1/| f(x) |, nevertheless, does approach +∞.)

## Algebraic properties

With these definitions is not a field
Field (mathematics)
In abstract algebra, a field is a commutative ring whose nonzero elements form a group under multiplication. As such it is an algebraic structure with notions of addition, subtraction, multiplication, and division, satisfying certain axioms...

and not even a ring
Ring (mathematics)
In mathematics, a ring is an algebraic structure consisting of a set together with two binary operations usually called addition and multiplication, where the set is an abelian group under addition and a semigroup under multiplication such that multiplication distributes over addition...

. However, it still has several convenient properties:
• a + (b + c) and (a + b) + c are either equal or both undefined.
• a + b and b + a are either equal or both undefined.
• a × (b × c) and (a × b) × c are either equal or both undefined.
• a × b and b × a are either equal or both undefined
• a × (b + c) and (a × b) + (a × c) are equal if both are defined.
• if ab and if both a + c and b + c are defined, then a + cb + c.
• if ab and c > 0 and both a × c and b × c are defined, then a × cb × c.

In general, all laws of arithmetic are valid in as long as all occurring expressions are defined.

## Miscellaneous

Several functions
Function (mathematics)
In mathematics, a function associates one quantity, the argument of the function, also known as the input, with another quantity, the value of the function, also known as the output. A function assigns exactly one output to each input. The argument and the value may be real numbers, but they can...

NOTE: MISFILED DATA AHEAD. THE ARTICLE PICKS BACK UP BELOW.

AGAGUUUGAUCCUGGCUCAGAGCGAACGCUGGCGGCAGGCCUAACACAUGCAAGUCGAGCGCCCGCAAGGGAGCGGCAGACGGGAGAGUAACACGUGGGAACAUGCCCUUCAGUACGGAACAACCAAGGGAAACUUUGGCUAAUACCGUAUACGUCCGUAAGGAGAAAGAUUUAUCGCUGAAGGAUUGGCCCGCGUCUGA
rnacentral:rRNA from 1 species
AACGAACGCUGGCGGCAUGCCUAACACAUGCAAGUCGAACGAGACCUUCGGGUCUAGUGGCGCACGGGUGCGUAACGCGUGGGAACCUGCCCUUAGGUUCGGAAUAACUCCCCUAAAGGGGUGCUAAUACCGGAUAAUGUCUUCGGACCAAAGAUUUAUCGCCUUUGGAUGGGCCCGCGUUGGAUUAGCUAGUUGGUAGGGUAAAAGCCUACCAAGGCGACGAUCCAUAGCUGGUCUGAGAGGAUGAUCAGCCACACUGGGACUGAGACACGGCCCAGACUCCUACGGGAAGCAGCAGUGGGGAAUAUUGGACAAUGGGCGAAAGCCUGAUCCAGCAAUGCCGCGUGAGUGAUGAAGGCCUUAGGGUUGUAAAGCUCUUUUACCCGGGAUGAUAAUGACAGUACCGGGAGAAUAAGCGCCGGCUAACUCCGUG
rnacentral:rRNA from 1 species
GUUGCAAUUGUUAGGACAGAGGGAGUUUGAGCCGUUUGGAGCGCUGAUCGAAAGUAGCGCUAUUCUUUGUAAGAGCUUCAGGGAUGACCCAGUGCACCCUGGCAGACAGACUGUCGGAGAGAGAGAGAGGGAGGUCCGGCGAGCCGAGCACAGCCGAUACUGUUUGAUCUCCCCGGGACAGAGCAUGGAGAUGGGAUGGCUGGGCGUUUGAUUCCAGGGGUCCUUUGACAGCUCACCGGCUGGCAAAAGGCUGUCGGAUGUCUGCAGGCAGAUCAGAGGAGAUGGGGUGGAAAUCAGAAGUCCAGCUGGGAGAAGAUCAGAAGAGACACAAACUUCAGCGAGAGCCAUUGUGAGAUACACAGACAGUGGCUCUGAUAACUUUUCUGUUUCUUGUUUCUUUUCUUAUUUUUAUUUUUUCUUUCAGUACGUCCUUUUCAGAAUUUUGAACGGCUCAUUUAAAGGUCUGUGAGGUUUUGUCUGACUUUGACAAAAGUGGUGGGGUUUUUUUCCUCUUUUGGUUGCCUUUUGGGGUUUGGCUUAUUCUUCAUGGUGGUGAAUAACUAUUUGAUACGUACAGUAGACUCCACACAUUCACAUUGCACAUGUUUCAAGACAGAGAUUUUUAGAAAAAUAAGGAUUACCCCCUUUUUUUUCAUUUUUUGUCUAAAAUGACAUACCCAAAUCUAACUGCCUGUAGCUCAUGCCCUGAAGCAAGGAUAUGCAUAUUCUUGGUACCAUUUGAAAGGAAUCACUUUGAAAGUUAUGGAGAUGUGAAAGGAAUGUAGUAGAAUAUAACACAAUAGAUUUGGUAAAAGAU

can be continuously extended to by taking limits. For instance, one defines exp
Exponential function
In mathematics, the exponential function is the function ex, where e is the number such that the function ex is its own derivative. The exponential function is used to model a relationship in which a constant change in the independent variable gives the same proportional change In mathematics,...

(−∞) = 0, exp(+∞) = +∞, ln
Natural logarithm
The natural logarithm is the logarithm to the base e, where e is an irrational and transcendental constant approximately equal to 2.718281828...

(0) = −∞, ln(+∞) = +∞ etc.

Some discontinuities may additionally be removed. For example, the function 1/x2 can be made continuous (under some definitions of continuity) by setting the value to +∞ for x = 0, and 0 for x = +∞ and x = −∞. The function 1/x can not be made continuous because the function approaches −∞ as x approaches 0 from below, and +∞ as x approaches 0 from above.

Compare the real projective line, which does not distinguish between +∞ and −∞. As a result, on one hand a function may have limit ∞ on the real projective line, while in the affinely extended real number system only the absolute value of the function has a limit, e.g. in the case of the function 1/x at x = 0. On the other hand and
correspond on the real projective line to only a limit from the right and one from the left, respectively, with the full limit only existing when the two are equal. Thus ex and arctan(x) cannot be made continuous at x = ∞ on the real projective line.